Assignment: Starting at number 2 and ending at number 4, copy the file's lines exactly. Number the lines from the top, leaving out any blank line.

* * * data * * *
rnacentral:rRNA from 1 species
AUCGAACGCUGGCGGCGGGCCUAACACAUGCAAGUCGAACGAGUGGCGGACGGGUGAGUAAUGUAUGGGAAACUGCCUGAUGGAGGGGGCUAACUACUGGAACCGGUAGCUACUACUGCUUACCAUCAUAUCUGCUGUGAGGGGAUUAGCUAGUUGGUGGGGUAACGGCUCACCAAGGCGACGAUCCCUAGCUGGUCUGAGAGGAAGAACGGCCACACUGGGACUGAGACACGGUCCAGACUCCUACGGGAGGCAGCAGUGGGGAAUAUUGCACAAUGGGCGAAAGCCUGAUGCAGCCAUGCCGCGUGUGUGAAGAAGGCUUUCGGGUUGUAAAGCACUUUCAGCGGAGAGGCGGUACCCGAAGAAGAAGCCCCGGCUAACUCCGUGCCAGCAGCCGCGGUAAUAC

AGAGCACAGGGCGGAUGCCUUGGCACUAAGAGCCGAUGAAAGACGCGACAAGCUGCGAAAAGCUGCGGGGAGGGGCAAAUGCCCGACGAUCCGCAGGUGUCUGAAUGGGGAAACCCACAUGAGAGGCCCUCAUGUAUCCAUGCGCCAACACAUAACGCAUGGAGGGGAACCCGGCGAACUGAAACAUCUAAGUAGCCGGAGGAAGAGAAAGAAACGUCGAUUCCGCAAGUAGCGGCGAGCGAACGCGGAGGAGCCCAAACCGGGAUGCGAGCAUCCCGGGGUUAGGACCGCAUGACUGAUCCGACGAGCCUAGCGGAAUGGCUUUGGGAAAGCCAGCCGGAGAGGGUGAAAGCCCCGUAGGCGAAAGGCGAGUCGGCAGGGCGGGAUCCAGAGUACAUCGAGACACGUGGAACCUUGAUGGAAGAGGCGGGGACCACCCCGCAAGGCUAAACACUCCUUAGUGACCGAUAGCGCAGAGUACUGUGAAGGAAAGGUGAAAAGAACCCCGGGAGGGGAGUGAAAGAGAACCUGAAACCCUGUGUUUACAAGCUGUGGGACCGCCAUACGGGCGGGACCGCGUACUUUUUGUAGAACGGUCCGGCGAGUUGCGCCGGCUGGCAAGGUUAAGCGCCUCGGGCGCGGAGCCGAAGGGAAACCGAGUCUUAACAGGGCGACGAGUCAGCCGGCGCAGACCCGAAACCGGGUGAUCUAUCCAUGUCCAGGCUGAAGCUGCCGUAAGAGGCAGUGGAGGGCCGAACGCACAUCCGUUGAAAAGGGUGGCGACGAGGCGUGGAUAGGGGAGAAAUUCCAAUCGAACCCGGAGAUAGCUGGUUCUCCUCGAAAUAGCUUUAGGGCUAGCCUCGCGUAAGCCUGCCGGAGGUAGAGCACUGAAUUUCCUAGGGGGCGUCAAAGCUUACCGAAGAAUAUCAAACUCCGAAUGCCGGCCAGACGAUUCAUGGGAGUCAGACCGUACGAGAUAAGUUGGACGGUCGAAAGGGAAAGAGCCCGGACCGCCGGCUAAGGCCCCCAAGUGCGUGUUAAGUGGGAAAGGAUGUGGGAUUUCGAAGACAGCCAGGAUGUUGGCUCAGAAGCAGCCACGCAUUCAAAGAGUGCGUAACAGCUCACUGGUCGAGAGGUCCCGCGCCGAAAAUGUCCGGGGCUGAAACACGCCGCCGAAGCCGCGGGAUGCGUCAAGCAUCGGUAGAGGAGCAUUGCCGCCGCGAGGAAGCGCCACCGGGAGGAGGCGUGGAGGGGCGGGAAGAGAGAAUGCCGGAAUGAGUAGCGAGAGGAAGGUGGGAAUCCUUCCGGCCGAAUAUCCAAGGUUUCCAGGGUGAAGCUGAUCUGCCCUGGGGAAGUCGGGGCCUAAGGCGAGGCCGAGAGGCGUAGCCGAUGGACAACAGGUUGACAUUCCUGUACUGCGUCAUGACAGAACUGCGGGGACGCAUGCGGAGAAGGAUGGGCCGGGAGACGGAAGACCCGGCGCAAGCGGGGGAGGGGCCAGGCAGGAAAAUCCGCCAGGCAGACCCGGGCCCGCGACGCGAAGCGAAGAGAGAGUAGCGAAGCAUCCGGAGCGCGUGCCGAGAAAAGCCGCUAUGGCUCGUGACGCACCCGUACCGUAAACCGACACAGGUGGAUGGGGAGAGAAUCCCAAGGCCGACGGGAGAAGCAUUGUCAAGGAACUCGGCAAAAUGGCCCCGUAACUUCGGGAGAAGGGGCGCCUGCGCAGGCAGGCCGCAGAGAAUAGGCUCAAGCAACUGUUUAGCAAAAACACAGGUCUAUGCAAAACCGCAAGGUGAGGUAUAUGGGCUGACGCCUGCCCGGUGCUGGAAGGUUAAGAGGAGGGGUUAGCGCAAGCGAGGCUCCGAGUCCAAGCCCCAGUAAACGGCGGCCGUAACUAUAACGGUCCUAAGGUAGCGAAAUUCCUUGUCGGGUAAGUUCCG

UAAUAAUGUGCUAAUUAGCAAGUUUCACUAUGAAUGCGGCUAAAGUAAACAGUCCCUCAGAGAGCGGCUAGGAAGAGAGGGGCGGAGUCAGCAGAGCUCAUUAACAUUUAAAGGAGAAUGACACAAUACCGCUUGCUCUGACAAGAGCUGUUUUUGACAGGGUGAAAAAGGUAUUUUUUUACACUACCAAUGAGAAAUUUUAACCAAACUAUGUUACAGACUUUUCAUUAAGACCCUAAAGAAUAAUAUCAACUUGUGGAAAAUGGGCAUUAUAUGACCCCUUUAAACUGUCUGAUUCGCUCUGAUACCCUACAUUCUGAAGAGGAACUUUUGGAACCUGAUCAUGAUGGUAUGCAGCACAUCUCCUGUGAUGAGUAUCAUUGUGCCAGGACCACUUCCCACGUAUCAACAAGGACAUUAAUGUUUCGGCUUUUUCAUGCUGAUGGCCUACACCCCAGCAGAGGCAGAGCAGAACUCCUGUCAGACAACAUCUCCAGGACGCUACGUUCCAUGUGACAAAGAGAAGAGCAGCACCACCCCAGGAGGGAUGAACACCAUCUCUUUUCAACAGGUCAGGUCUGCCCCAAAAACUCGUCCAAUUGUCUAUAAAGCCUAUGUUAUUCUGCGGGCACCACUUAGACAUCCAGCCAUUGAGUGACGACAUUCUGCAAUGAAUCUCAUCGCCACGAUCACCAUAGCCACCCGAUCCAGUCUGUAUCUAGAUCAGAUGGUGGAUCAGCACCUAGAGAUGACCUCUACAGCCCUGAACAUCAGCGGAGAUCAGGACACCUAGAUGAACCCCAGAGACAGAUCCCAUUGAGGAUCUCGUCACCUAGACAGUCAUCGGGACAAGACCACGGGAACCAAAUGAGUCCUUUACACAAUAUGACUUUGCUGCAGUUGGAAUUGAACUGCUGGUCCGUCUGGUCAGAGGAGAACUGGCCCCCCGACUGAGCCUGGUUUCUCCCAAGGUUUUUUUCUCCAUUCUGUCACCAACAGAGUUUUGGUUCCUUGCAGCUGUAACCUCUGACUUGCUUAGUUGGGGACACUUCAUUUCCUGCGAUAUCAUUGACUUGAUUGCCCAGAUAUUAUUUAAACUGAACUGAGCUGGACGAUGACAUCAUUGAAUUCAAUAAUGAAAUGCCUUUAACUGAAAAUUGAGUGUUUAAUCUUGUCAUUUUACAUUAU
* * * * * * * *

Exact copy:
AUCGAACGCUGGCGGCGGGCCUAACACAUGCAAGUCGAACGAGUGGCGGACGGGUGAGUAAUGUAUGGGAAACUGCCUGAUGGAGGGGGCUAACUACUGGAACCGGUAGCUACUACUGCUUACCAUCAUAUCUGCUGUGAGGGGAUUAGCUAGUUGGUGGGGUAACGGCUCACCAAGGCGACGAUCCCUAGCUGGUCUGAGAGGAAGAACGGCCACACUGGGACUGAGACACGGUCCAGACUCCUACGGGAGGCAGCAGUGGGGAAUAUUGCACAAUGGGCGAAAGCCUGAUGCAGCCAUGCCGCGUGUGUGAAGAAGGCUUUCGGGUUGUAAAGCACUUUCAGCGGAGAGGCGGUACCCGAAGAAGAAGCCCCGGCUAACUCCGUGCCAGCAGCCGCGGUAAUAC

AGAGCACAGGGCGGAUGCCUUGGCACUAAGAGCCGAUGAAAGACGCGACAAGCUGCGAAAAGCUGCGGGGAGGGGCAAAUGCCCGACGAUCCGCAGGUGUCUGAAUGGGGAAACCCACAUGAGAGGCCCUCAUGUAUCCAUGCGCCAACACAUAACGCAUGGAGGGGAACCCGGCGAACUGAAACAUCUAAGUAGCCGGAGGAAGAGAAAGAAACGUCGAUUCCGCAAGUAGCGGCGAGCGAACGCGGAGGAGCCCAAACCGGGAUGCGAGCAUCCCGGGGUUAGGACCGCAUGACUGAUCCGACGAGCCUAGCGGAAUGGCUUUGGGAAAGCCAGCCGGAGAGGGUGAAAGCCCCGUAGGCGAAAGGCGAGUCGGCAGGGCGGGAUCCAGAGUACAUCGAGACACGUGGAACCUUGAUGGAAGAGGCGGGGACCACCCCGCAAGGCUAAACACUCCUUAGUGACCGAUAGCGCAGAGUACUGUGAAGGAAAGGUGAAAAGAACCCCGGGAGGGGAGUGAAAGAGAACCUGAAACCCUGUGUUUACAAGCUGUGGGACCGCCAUACGGGCGGGACCGCGUACUUUUUGUAGAACGGUCCGGCGAGUUGCGCCGGCUGGCAAGGUUAAGCGCCUCGGGCGCGGAGCCGAAGGGAAACCGAGUCUUAACAGGGCGACGAGUCAGCCGGCGCAGACCCGAAACCGGGUGAUCUAUCCAUGUCCAGGCUGAAGCUGCCGUAAGAGGCAGUGGAGGGCCGAACGCACAUCCGUUGAAAAGGGUGGCGACGAGGCGUGGAUAGGGGAGAAAUUCCAAUCGAACCCGGAGAUAGCUGGUUCUCCUCGAAAUAGCUUUAGGGCUAGCCUCGCGUAAGCCUGCCGGAGGUAGAGCACUGAAUUUCCUAGGGGGCGUCAAAGCUUACCGAAGAAUAUCAAACUCCGAAUGCCGGCCAGACGAUUCAUGGGAGUCAGACCGUACGAGAUAAGUUGGACGGUCGAAAGGGAAAGAGCCCGGACCGCCGGCUAAGGCCCCCAAGUGCGUGUUAAGUGGGAAAGGAUGUGGGAUUUCGAAGACAGCCAGGAUGUUGGCUCAGAAGCAGCCACGCAUUCAAAGAGUGCGUAACAGCUCACUGGUCGAGAGGUCCCGCGCCGAAAAUGUCCGGGGCUGAAACACGCCGCCGAAGCCGCGGGAUGCGUCAAGCAUCGGUAGAGGAGCAUUGCCGCCGCGAGGAAGCGCCACCGGGAGGAGGCGUGGAGGGGCGGGAAGAGAGAAUGCCGGAAUGAGUAGCGAGAGGAAGGUGGGAAUCCUUCCGGCCGAAUAUCCAAGGUUUCCAGGGUGAAGCUGAUCUGCCCUGGGGAAGUCGGGGCCUAAGGCGAGGCCGAGAGGCGUAGCCGAUGGACAACAGGUUGACAUUCCUGUACUGCGUCAUGACAGAACUGCGGGGACGCAUGCGGAGAAGGAUGGGCCGGGAGACGGAAGACCCGGCGCAAGCGGGGGAGGGGCCAGGCAGGAAAAUCCGCCAGGCAGACCCGGGCCCGCGACGCGAAGCGAAGAGAGAGUAGCGAAGCAUCCGGAGCGCGUGCCGAGAAAAGCCGCUAUGGCUCGUGACGCACCCGUACCGUAAACCGACACAGGUGGAUGGGGAGAGAAUCCCAAGGCCGACGGGAGAAGCAUUGUCAAGGAACUCGGCAAAAUGGCCCCGUAACUUCGGGAGAAGGGGCGCCUGCGCAGGCAGGCCGCAGAGAAUAGGCUCAAGCAACUGUUUAGCAAAAACACAGGUCUAUGCAAAACCGCAAGGUGAGGUAUAUGGGCUGACGCCUGCCCGGUGCUGGAAGGUUAAGAGGAGGGGUUAGCGCAAGCGAGGCUCCGAGUCCAAGCCCCAGUAAACGGCGGCCGUAACUAUAACGGUCCUAAGGUAGCGAAAUUCCUUGUCGGGUAAGUUCCG

UAAUAAUGUGCUAAUUAGCAAGUUUCACUAUGAAUGCGGCUAAAGUAAACAGUCCCUCAGAGAGCGGCUAGGAAGAGAGGGGCGGAGUCAGCAGAGCUCAUUAACAUUUAAAGGAGAAUGACACAAUACCGCUUGCUCUGACAAGAGCUGUUUUUGACAGGGUGAAAAAGGUAUUUUUUUACACUACCAAUGAGAAAUUUUAACCAAACUAUGUUACAGACUUUUCAUUAAGACCCUAAAGAAUAAUAUCAACUUGUGGAAAAUGGGCAUUAUAUGACCCCUUUAAACUGUCUGAUUCGCUCUGAUACCCUACAUUCUGAAGAGGAACUUUUGGAACCUGAUCAUGAUGGUAUGCAGCACAUCUCCUGUGAUGAGUAUCAUUGUGCCAGGACCACUUCCCACGUAUCAACAAGGACAUUAAUGUUUCGGCUUUUUCAUGCUGAUGGCCUACACCCCAGCAGAGGCAGAGCAGAACUCCUGUCAGACAACAUCUCCAGGACGCUACGUUCCAUGUGACAAAGAGAAGAGCAGCACCACCCCAGGAGGGAUGAACACCAUCUCUUUUCAACAGGUCAGGUCUGCCCCAAAAACUCGUCCAAUUGUCUAUAAAGCCUAUGUUAUUCUGCGGGCACCACUUAGACAUCCAGCCAUUGAGUGACGACAUUCUGCAAUGAAUCUCAUCGCCACGAUCACCAUAGCCACCCGAUCCAGUCUGUAUCUAGAUCAGAUGGUGGAUCAGCACCUAGAGAUGACCUCUACAGCCCUGAACAUCAGCGGAGAUCAGGACACCUAGAUGAACCCCAGAGACAGAUCCCAUUGAGGAUCUCGUCACCUAGACAGUCAUCGGGACAAGACCACGGGAACCAAAUGAGUCCUUUACACAAUAUGACUUUGCUGCAGUUGGAAUUGAACUGCUGGUCCGUCUGGUCAGAGGAGAACUGGCCCCCCGACUGAGCCUGGUUUCUCCCAAGGUUUUUUUCUCCAUUCUGUCACCAACAGAGUUUUGGUUCCUUGCAGCUGUAACCUCUGACUUGCUUAGUUGGGGACACUUCAUUUCCUGCGAUAUCAUUGACUUGAUUGCCCAGAUAUUAUUUAAACUGAACUGAGCUGGACGAUGACAUCAUUGAAUUCAAUAAUGAAAUGCCUUUAACUGAAAAUUGAGUGUUUAAUCUUGUCAUUUUACAUUAU